Live recording February 13, 2009
Muziekgebouw aan't IJ, Amsterdam
with Metropole Orchestra
Despite his long history with ECM Records, Argentinian composer and bandoneon master Dino Saluzzi has never released a live recording until now. These four new compositions are separate but equal parts of a larger work; in essence, the concerto that is El Encuentro. They were recorded with the Metropole Orchestra under the direction of conductor Jules Buckley for NPS Radio in the Netherlands. The soloists are Saluzzi, his brother Felix on saxophone, and cellist Anja Lechner. El Encuentro ("The Meeting") is a series of musical short stories that ultimately become an entire narrative. The opening work, "Vals de los Dias," is a waltz that, in the beginning, lets its colors get shaped by strings bowed and plucked, overlapping in a dark, harmonic swirl before Saluzzi enters to play just the skeletal melody with traces of a folk song before they take over again; only this time, they evoke the composer's notion of tango. Lechner makes a brief appearance before the entire string section begins a melancholy series of recollections of the aforementioned melody, and Saluzzi returns in earnest. The composition eventually moves through progressions and regressions until it reaches a dramatic climax. "Plegaria Andina" borrows a theme from an earlier Saluzzi album, Andina, from 1988. Here it is bandoneon and saxophone that introduce the piece, with Lechner entering just behind them, creating a mournful, restrained interplay that lays the foundation for a much more elegiac backdrop when the orchestra joins them about halfway through. Together they plumb a depth that frames the narrative that the remainder of the work rests upon. It is simple, yet poetic and deeply moving. "El Encuentro," the title composition, is filled with numerous textures, nuances, and timbres. It is abstract and declamatory with a beautiful middle section where Saluzzi solos in counterpoint with himself. The work concludes with "Miserere," where fragmentary melodies of folk songs and Argentinian popular song are touched upon with reverence and a proper sense of nostalgia. But this the notion of absence is ever present in Saluzzi's playing in the piece. The orchestra, by contrast, moves from pastoral meditations to sweeping washes of romantic innocence to sorrowful, near-droning abstraction as Saluzzi and orchestra come toward one another in a dialogue that is filled with loss and memory, tenderness and resignation, that ultimately becomes a broken, fragmented, but finally joined-together whole.
All Music Guide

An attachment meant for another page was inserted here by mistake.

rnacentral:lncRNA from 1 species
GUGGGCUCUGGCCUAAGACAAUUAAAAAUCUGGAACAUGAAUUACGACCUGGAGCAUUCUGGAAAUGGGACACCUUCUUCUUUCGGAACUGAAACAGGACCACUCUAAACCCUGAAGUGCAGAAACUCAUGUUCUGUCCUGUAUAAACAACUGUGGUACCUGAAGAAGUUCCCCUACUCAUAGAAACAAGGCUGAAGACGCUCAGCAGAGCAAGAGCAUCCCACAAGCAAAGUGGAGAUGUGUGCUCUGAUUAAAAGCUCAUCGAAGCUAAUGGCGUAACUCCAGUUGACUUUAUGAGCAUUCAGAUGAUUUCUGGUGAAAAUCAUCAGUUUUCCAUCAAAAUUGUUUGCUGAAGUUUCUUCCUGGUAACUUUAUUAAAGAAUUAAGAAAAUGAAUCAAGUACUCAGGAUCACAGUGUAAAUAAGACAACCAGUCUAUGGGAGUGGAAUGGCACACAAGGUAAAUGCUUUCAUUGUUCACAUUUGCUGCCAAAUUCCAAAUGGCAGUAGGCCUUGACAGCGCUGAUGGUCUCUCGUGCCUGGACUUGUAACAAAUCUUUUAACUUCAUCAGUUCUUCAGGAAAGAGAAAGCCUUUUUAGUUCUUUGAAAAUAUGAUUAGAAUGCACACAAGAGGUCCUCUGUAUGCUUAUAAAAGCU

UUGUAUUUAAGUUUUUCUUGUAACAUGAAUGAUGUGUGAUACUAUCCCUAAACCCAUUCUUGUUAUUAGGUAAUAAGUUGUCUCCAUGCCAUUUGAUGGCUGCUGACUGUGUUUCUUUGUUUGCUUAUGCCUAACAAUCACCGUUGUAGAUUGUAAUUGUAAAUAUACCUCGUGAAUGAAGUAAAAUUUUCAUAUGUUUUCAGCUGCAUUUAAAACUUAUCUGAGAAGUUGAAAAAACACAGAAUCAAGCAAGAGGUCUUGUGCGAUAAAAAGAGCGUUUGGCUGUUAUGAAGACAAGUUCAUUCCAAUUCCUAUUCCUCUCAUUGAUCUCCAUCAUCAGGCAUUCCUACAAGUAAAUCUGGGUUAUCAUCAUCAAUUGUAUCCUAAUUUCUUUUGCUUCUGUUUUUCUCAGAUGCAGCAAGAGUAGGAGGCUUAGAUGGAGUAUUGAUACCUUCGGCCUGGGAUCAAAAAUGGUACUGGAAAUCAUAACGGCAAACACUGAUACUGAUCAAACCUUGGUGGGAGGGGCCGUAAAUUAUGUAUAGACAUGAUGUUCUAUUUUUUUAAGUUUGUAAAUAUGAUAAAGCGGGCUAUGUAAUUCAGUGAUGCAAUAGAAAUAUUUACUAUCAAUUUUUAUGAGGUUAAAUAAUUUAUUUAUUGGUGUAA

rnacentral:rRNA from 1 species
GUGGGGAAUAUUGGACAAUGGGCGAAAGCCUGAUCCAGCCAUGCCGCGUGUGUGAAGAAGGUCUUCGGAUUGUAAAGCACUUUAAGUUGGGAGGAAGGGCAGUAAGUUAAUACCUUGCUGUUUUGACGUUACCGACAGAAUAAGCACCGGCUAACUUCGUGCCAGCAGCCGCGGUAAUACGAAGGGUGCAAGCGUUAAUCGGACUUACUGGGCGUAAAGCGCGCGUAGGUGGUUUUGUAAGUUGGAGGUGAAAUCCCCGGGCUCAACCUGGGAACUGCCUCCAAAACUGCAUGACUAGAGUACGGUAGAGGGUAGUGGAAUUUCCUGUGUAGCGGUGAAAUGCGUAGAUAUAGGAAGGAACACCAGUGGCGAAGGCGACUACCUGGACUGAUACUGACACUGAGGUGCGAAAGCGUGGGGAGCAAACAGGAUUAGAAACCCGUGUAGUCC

Dino Saluzzi's first live album for ECM finds the Argentinean bandoneon master at Amsterdam's Muziekgebouw, presenting new orchestral compositions. Dino himself is principal soloist throughout the recording, joined by Anja Lechner and brother Felix Saluzzi at points along the way.
The flowing music, with strings shadowing the movement of the bandoneon, extends the spirit of Dino's "storytelling" solo works such as "Andina" (to which the piece "Plegaria Andina" makes reference). Dino says, "a lot can be told using few elements. The music should not be too rational. It has to brim with innocence." "On 'El Encuentro'" writes Javier Magistris in the liner notes, "the collaboration with cellist Anja Lechner and saxophonist Felix Saluzzi adds a new chapter of beauty in a wider and more complex structure. The soliloquies of the three main characters intertwine prodigiously, like a naturally-flowing current, each voice attaining its greatest expressive splendour by interacting with the harmonic structures."
The project was set in motion by Amsterdam-based writer/producer Gustavo Pazos, who had visited Saluzzi in Buenos Aires in 2004 to prepare a radio portrait of the bandoneonist-composer, and got to hear some of Dino's works-in-progress. Holland's Metropole Orchestra subsequently expressed interest, and with the support of NPS Radio it was possible to present the music in Amsterdam. Pazos points out that the Metropole Orchestra has "fulfilled a major cultural role in the Netherlands" with its long history of encouraging musicians outside the classical mainstream.
"El Encuentro" marked a first-time encounter for composer and orchestra (and both the Metropole Orchestra and conductor Jules Buckley make ECM debuts here) but the cast of soloists draws on some long-standing playing associations, in the case of Dino and Felix more than 60 years of collaborations. They started making music together as children, and today Felix frequently works with his brother in Dino's "family band" projects, as heard on albums including "Mojotoro" and "Juan Condori". Felix also plays in a new group with Dino and cellist Anja Lechner, a trio whose formation was a direct result of the shared experience of playing together on "El Encuentro".
Anja Lechner has worked closely with Dino since the mid-1990s, beginning with the "Kultrum" alliance between Saluzzi and the Rosamunde Quartet, a collaboration which in several respects prefigured "El Encuentro". She has also toured widely in duo with the bandoneonist, and recorded with him on "Ojos Negros" in 2006.
"El Encuentro" (The Encounter) is released in time for Dino's 75th birthday on May 21st, 2010.
Earlier this year the Saluzzi brothers and Anja Lechner appeared as soloists with the Musikkollegium Winterthur, performing Dino's "Sinfonia Concertante".
In July 2010, Dino is the subject of a special ECM focus at the Atina jazz Festival in Italy. There, he will be joined on stage by Felix Saluzzi, Anja Lechner, John Surman, Palle Mikkelborg, Rosario Bonaccorso and UT Gandhi.